If you visit the campus of the University of South Alabama in Mobile, you know immediately that something is different. Parking lots are empty, classrooms, offices and dorms are locked, and most obviously no students are about. While the physical plant may be a location on a map, a university is its people — its students, faculty and staff. Without its people, a university is just a group of buildings and parking lots.
In early March, students at the University of South Alabama left campus for their annual spring break. As the Coronavirus pandemic spread, the university leadership team began daily meetings and the difficult decision was made to transition all students to online classes until April 20th. The initial date was soon extended until the end of the spring semester in May. Leaders continue to meet as the pandemic situation remains fluid.
The transition of traditional classes to the online environment was the primary challenge faced by the university. Although difficult, South was better prepared than many other universities. The University Innovation in Learning Center manages and provides support for a number of software programs that are used in the online environment, including Sakai and Canvas (learning management systems that incorporate lecture materials, assignments, grading, communication and other classroom activities), Panopto (a program used for lecture capture and video management), Zoom (a remote video conferencing service) and other tools that do much to replicate the traditional classroom experience.
Of course, software programs and platforms are only tools; success in the online environment requires faculty who are dedicated to driving the process. The University has multiple degree programs that are offered completely online, and we are fortunate that many of our faculty have extensive experience teaching in this environment. The campus spring break was extended one week to give the faculty the opportunity to incorporate the changes necessary for teaching online. Numerous seminars, workshops and meetings were conducted (almost all using distance-learning technology) for faculty and staff. The online environment for all students began March 23.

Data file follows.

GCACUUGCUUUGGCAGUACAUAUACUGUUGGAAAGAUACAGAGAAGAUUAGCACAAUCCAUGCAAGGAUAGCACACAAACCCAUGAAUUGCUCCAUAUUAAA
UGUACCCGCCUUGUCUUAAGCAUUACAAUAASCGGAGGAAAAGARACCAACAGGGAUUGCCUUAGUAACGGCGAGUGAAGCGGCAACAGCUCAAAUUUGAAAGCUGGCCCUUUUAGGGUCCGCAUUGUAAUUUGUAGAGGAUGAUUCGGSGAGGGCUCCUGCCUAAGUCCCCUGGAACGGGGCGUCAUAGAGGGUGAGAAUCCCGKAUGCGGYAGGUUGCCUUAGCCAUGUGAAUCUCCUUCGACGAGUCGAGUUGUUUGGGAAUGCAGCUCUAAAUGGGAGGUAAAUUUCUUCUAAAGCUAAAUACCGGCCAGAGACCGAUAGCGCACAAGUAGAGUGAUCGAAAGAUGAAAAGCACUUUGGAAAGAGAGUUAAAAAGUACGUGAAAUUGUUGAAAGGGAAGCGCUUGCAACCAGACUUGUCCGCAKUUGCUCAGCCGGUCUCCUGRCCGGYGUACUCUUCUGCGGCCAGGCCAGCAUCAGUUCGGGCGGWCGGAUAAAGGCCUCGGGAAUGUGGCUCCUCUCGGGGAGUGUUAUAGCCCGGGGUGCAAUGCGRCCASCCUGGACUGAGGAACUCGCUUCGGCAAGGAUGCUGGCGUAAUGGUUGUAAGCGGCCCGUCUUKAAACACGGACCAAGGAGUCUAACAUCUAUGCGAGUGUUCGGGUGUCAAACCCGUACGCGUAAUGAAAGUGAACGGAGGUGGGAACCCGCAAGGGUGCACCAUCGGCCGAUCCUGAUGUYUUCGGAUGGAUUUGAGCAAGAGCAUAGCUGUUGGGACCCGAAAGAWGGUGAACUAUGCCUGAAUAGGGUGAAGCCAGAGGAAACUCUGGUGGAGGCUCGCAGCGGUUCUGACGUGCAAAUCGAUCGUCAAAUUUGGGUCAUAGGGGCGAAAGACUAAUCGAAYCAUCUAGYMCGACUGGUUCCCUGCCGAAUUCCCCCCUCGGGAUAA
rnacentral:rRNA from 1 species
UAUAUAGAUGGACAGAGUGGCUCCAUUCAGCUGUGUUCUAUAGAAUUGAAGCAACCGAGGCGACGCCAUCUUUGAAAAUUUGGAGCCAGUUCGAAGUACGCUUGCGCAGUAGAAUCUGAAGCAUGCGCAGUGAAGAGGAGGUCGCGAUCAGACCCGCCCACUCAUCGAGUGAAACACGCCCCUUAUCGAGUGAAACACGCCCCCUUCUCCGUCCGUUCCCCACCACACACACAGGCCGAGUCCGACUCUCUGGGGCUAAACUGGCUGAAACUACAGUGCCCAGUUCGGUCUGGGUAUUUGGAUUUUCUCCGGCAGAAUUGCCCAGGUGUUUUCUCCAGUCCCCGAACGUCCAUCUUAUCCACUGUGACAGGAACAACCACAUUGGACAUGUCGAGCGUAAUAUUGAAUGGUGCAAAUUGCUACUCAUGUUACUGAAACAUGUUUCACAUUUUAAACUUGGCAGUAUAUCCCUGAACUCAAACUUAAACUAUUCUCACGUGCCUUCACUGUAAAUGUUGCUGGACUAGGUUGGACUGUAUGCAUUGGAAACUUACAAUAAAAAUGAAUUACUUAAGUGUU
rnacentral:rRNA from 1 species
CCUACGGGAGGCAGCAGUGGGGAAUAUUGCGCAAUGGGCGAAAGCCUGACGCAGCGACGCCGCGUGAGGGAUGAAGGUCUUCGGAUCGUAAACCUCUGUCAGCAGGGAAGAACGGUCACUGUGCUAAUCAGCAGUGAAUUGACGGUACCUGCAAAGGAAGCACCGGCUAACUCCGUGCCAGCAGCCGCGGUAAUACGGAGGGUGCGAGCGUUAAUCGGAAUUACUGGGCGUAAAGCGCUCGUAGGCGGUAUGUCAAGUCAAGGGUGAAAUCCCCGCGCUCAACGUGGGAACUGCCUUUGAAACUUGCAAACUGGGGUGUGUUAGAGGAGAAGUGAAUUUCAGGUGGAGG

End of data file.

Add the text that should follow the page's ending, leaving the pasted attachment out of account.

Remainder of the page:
Faculty, for the most part, can perform most of their jobs from home, as long as they have a home computer with adequate internet access. For administrators and support personnel, there are both practical and logistical challenges. Although a number of administrative functions may be handled remotely via email and a VPN network, some require a physical presence. Scheduling and monitoring off-campus work also can be an issue.
Classes are but a part of a student’s life. On the academic side, many students are involved in experiential activities as a part of their degree requirements. These co-ops, internships, laboratory courses, practicums, research projects, studio performances and study abroad are an important part of the learning experience. Finding alternatives in a distance-learning environment is part of the transition. Also, higher education is a continual process — the academic year moves from fall to spring to summer classes. Registration and student advising for future terms is an almost ongoing process. These activities too are also being transitioned. Future class schedule development also is an ongoing activity.
Then there is the other side of student life — housing, university and intramural athletics, Greek life, part-time jobs, and all of the other things that students cram into their daily activities. The cancelling/rescheduling of some activities is an easy process; for others, the changes are more involved. Campus leaders are working to make these transitions.
The uncertainty of the pandemic’s course remains. A return to “normal” may take a couple of months or much longer. One thing is certain. The University of South Alabama faculty, staff and administrators are committed to give our students the best experience possible during this unprecedented time.